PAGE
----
Some homes have a warranty on them at the time of sale. Be sure to include this paperwork with other legal documents related to the sale so they may be provided to the buyer. The same is true of warranties on other items in the home, such as appliances, that are included in the sale and have a warranty remaining on them that can be transferred to the buyer. This helps to make the sale go smoothly at closing.
An Access to Premises Agreement
A buyer may wish to access the premises before closing to measure for drapes, rugs, new flooring or numerous other purposes. A document is required to ensure both parties agree on a date and time to access. Many sellers put a clause in this document which states the buyer is responsible for any damage done to the property during this visit, whether the damage is the result of actions taken by the buyer or parties entering the residence on his or her behalf. In addition, in the event someone is hurt during this visit, the document typically outlines who will be responsible in this situation. This protects the seller from unforeseen expenses prior to the sale and liability for any injuries incurred.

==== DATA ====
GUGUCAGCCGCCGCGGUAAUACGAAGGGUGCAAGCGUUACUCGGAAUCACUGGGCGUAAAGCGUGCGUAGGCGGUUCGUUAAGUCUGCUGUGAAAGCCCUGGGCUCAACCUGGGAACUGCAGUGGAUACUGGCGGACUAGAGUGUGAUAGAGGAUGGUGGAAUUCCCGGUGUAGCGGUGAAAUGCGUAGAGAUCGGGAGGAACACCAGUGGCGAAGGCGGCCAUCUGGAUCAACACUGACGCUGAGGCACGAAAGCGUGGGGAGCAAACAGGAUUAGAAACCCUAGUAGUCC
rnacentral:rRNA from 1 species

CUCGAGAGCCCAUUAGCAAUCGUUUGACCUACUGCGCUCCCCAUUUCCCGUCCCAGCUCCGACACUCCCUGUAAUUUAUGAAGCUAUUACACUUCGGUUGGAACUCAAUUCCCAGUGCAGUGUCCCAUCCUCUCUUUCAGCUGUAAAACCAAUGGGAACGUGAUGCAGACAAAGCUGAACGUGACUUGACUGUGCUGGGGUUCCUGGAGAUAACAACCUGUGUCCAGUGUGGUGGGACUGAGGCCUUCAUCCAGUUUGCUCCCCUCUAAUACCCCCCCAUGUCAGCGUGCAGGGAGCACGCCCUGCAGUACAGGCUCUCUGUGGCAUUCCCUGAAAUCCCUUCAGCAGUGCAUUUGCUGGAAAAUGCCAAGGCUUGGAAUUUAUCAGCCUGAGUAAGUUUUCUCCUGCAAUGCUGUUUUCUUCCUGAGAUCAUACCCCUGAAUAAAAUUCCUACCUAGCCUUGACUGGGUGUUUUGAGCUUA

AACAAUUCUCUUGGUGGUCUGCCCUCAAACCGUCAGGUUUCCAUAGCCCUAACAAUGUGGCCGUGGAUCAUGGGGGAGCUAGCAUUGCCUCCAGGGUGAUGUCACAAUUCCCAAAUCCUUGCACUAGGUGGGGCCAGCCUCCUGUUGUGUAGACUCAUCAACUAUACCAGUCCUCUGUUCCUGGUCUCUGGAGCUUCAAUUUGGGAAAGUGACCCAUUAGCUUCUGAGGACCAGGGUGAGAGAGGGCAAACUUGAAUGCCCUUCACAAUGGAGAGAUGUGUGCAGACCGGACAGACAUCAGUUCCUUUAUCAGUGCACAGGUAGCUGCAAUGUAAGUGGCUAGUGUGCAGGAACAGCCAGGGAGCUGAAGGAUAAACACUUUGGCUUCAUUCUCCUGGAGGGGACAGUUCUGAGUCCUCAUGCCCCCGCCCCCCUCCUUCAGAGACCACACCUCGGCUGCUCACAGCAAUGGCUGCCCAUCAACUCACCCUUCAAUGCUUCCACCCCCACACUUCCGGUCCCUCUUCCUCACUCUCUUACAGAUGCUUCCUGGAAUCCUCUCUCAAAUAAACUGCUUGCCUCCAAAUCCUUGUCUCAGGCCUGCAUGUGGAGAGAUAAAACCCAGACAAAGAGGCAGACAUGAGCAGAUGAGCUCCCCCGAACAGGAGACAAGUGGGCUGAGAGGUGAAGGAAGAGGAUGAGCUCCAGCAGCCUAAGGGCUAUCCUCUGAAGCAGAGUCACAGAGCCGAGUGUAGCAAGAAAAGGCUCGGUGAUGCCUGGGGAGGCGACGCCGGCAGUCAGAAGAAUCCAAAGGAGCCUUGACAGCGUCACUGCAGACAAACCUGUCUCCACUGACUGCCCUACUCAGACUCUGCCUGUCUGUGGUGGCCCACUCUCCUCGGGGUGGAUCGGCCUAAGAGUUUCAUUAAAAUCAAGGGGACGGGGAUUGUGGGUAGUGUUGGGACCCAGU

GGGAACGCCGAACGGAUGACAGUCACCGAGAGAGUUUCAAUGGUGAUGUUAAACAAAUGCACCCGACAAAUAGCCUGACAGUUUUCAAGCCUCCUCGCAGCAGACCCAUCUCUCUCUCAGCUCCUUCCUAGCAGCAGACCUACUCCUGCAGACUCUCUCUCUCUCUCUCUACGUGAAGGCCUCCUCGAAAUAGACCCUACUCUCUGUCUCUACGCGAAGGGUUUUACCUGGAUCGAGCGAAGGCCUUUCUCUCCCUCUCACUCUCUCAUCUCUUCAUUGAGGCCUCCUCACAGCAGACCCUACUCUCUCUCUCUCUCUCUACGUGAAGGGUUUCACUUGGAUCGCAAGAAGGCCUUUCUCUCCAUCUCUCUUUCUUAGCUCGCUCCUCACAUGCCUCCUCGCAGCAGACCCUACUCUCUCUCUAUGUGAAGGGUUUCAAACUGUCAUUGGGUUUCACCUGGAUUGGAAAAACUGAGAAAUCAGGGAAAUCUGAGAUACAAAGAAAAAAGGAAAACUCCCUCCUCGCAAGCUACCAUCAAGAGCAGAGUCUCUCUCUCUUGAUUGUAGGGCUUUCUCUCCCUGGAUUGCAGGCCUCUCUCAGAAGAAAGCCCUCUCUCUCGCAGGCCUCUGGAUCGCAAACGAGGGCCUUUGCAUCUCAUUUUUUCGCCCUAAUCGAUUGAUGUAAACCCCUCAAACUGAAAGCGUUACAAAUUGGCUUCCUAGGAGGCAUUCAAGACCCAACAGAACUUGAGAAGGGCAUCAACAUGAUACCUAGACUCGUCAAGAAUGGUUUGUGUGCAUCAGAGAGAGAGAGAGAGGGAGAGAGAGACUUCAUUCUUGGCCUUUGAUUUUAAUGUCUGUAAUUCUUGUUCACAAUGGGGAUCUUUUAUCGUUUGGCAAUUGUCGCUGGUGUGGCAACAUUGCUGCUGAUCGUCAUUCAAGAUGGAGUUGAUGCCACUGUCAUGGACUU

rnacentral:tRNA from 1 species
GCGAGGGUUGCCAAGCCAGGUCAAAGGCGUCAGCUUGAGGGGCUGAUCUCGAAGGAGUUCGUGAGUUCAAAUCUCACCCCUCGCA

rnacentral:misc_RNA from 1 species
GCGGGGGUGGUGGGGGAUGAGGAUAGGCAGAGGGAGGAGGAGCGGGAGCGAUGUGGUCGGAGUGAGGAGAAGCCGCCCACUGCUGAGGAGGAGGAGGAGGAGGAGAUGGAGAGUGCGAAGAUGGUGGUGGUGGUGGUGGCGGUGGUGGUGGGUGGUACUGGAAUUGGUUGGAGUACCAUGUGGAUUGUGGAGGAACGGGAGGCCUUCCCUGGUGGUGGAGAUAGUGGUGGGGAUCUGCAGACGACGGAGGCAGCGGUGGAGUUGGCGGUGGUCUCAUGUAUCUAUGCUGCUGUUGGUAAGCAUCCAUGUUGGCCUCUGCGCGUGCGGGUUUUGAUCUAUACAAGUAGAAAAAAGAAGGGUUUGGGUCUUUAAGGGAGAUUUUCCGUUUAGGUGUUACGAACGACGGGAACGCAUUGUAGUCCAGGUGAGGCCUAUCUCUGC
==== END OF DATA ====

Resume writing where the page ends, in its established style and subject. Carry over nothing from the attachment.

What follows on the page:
Additional Documents That May Be Needed
Additional documents may be required when selling a property, and a real estate agent or attorney can be of help in determining when they are required. This includes permits and plans for any work scheduled to be done to the home, utility bills and a survey outlining the boundaries of the property. Other items that may be provided when selling a home include occupation and/or construction permits and blueprints, if they are available.
Preparation is key when selling a home. No owner wants to discover they lost a sale simply because the correct documents were not available. If there is any doubt, include a document in the packet gathered for potential buyers. Although this may seem excessive, it is better to have too much rather than not enough at this time. Sellers who take this extra step will find it helps them immensely as the process moves forward.